Her name is Sarah. She is an Amish woman who looks somewhere between the ages of 40 and 50. She is somewhat overweight, but not extremely so. She is wearing a dark purple dress under a white apron. Her head is covered with a kerchief rather than one of the starched white coverings one would expect. It is informal, “at home” wear, not at all standard for a situation in which she is meeting with someone who is not Amish. Under the kerchief is a bundle of hair that would easily reach her waist if it were not carefully bound up with an undiscernible number of pins.
Sarah is presumably played by someone with a name other than Sarah, but I do not recognize her. I wonder if she really is an Amish woman, as opposed to someone playing an Amish woman.
I’m played by Gellar (another Sarah, but that’s not my name here).
Sarah and I are sitting on the front porch of an austere but comfortable-looking farmhouse. We occupy matching wooden rocking chairs. I look to the Northeast, and can see grazing sheep in the distance. Sarah is knitting.
“Are you married, Sarah?”
She nods matter-of-factly. “Yes, I am. My husband’s name is Amos.”
“You have children, then?”
“Eight. Three boys and five girls. But I had my two oldest girls with my first husband, John. He died.” She stops knitting for a moment and looks out at the sheep. “Our buggy was hit by a drunk driver. I was hardly scratched, but he died.”
“It was very sad, but God is in charge. Amos is a very good man.”
I consider clearing my throat, then realize that this has become something of a trope, like the closing of eyes. “I hope you’ll excuse me for being blunt. I assume, since you are Amish, that you represent us as specifically Anabaptist?”
Sarah resumes knitting. “So far as I know, that’s right.”
“Why Amish? Why not a Mennonite?”
She looks at me directly for the first time. “I think it’s because I am more of a challenge this way.” She looks back down at her knitting. “I hate to think that I would be seen as threatening to anyone, but it seems like that may be the point.”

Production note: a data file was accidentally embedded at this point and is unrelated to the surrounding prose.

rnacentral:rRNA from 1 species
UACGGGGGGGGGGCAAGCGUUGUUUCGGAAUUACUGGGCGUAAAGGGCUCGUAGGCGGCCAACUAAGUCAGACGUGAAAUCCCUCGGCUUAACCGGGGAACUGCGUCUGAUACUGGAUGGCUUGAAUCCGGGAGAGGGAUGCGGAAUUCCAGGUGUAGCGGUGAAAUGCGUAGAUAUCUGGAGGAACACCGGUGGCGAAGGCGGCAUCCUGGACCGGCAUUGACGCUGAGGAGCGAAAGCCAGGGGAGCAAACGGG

I nod and think for a while. “And you are not a drone.”
“No, I am really one of us.”
“That you have not been here before is… I guess it’s a bit surprising when I think about it.” It occurs to me that I’m avoiding her eyes by looking at the yarn in the basket beside her chair.
“All of us are always here, you know. But attention is so oppressively finite. Since the blog began, the concentration on Bible Guy/Bruce has kept some of us hiding behind you.” She looks up at me again. “…some of us who you might think of as ‘religious’ or ‘spiritual’ aspects, or maybe ‘theological.’ None of those words will do, but neither will any others.” She speaks with a recognizably “Pennsylvania Dutch” accent, which to me underscores the strangeness of the words to which she is referring.
I look out at the sheep again, and rise from my chair. “Do conversations always have to be while sitting? Can we move? Nietzsche wrote something about thoughts reached while walking.”
Sarah gently places her knitting needles atop the basket, and brushes off her lap as she stands. “We can walk if you’d like. But the movement called writing has more to do with reaching the thoughts that arise here.”
“I would like to see those sheep at closer range.”
“They will still be sheep.” She apparently means this seriously, but she leads me down the steps from the porch, and across the yard toward the barn and the field beyond. She stops and turns suddenly. “You left Bruce’s Bible on the porch. Did you mean to do that?”
I look back and see it lying in my chair. “I didn’t remember that I had it. Yeah, it’s OK if we leave it there.”
She is looking at me with concern. “Only if you are sure.”
I hesitate another moment, but begin to walk again. “I’m sure. As you said, all of us are always here.”
She walks beside me, and we say nothing more as we pass the corner of the barn and start along the fence that will lead us to where the sheep are grazing.
About halfway there, she speaks again. “If Bruce were here, the presence of his Bible would serve to emphasize that I do not carry one.”
I have to smile at that. “You frame that hypothetically, as if it does not have this impact for me. But of course, that is why Bruce loaned it to me.”
We walk in silence for a while before I go on.
“That point would not require this scenario. It would be the same if you were Roman Catholic, no?”
She thinks about that a bit, and then nods. “I supposed that’s true. Either way, the concern is about where the authority is besides the text and its reader, narrowly conceived.” I shake my head. She notices and responds. “You find it funny that I use the particular words I do, with my accent. Yet you know better than most others that being Amish does not entail the sort of ‘noble savage’ ignorance that is often expected.”
I can only nod and continue walking. At length, we reach a corner of the fence that is closest to a large cluster of the grazing sheep.
“We are here, and they are still sheep.” She glances back toward the farmhouse. “I gather we must watch them for a while now, because the blogger is realizing that she has not properly accompanied us yet. It has taken her longer to consider your Nietzsche reference, and we need to let her catch up.”
“We still refer to the blogger as ‘she’?”
“Apparently so. I’m not sure whether it matters. The one who is neither man nor woman will presumably address such things eventually.”
We watch the sheep, who seem not to care about any of this.